Everything In Its Place

It started off simply, I promise.  It’s ended with several flat surfaces in my house covered with stacks of game cards and binders everywhere.

See, I have this Lord of the Rings card game.  They’ve put out about a dozen expansions for it, enough so that the number of cards has quickly outgrown the meager box in which the main game came.  For a while, I was content to go the Magic: The Gathering route, just keeping the cards in cardboard boxes with improvised dividers.  But as my shelf of board games has grown considerably more crowded, I didn’t relish the idea of having to get even more boxes when I eventually bought more cards.  Which is going to happen, trust me.

So I took some inspiration from the baseball card collectors and bought some pocket pages.  Well, actually, a lot of pocket pages.  Hey, they’re cheap on Amazon and I have Prime.  Problem solved, right?  Wrong.  Because although I now had the mechanism for organization, I didn’t have the method.  The cards are numbered, so that was an option.  They came out in labeled sets, so I could go that route.  There are different spheres in the game, and different card types within each sphere.  That was the one that ultimately appealed to me.  The organizational prospects were dizzying:  I could sort by sphere, then by card type, then alphabetize within each type.  You have no idea what kind of catnip that was for me.  And since the cards were going into sleeves in a set order, any new cards would mean I’d have to re-sort everything.  I was nearly salivating here.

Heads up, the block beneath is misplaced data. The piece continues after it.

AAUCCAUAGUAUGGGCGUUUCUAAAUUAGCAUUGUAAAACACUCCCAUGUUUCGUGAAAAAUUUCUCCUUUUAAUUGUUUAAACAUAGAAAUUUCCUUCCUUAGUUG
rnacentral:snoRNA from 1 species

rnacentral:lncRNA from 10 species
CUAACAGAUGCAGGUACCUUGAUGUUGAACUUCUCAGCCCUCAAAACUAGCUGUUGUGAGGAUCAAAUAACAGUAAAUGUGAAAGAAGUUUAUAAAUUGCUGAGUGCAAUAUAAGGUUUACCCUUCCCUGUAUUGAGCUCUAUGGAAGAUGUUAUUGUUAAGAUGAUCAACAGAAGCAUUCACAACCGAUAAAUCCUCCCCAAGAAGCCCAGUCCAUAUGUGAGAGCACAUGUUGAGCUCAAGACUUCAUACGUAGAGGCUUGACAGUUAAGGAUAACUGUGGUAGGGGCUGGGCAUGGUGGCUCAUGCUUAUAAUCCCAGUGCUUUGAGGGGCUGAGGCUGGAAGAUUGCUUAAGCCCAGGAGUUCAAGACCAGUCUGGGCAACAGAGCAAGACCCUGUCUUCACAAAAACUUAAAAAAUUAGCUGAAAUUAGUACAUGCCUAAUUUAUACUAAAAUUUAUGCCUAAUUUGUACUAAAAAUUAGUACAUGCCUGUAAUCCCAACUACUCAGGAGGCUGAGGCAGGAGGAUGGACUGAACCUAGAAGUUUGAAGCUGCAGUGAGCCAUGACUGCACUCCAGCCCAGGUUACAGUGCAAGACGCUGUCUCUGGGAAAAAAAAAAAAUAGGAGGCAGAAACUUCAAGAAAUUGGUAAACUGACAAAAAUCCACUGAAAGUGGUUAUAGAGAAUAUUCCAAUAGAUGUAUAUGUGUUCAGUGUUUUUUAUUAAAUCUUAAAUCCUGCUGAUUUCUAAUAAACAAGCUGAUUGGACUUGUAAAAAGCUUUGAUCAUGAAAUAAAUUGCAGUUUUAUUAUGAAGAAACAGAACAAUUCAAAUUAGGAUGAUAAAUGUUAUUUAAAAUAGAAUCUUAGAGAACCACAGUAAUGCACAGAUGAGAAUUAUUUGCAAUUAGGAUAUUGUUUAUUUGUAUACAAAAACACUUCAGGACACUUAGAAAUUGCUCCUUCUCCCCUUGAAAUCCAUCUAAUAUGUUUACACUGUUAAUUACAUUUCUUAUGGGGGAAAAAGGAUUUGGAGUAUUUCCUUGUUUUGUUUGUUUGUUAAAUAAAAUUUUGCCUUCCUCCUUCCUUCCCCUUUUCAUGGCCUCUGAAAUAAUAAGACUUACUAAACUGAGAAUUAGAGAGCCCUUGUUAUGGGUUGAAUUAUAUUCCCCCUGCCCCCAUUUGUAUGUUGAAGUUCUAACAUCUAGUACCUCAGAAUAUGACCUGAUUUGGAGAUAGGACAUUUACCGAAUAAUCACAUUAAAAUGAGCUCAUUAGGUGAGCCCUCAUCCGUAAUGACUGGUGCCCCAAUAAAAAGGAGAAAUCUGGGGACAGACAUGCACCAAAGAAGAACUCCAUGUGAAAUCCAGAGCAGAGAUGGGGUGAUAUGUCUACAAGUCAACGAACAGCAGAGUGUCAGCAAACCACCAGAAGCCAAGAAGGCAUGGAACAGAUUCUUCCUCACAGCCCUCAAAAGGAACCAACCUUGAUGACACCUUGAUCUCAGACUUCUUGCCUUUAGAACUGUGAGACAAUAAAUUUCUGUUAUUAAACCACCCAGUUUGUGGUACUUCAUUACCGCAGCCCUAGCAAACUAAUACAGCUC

One small problem:  I didn’t have a binder big enough to hold all these sheets.  The solution was obvious.  I’d need binders for each sphere.  Which I just happened to have.  But they were ugly white things, and I’d need a way to tell which one was which.  This is why God made Microsoft Office.  With a little helping hand from Google Image Search and Paint, I soon had cover and spine inserts to clearly label each binder.  Of course, it wasn’t quite as simple as that.  I had to decide which sets got binders, whether or not to double some sets up to save space, and which sets would require larger binders than others.

This whole process started last week.  I just finished sorting everything about twenty minutes ago.

Have I mentioned I’ve played this game maybe three times?

Welcome to my world.


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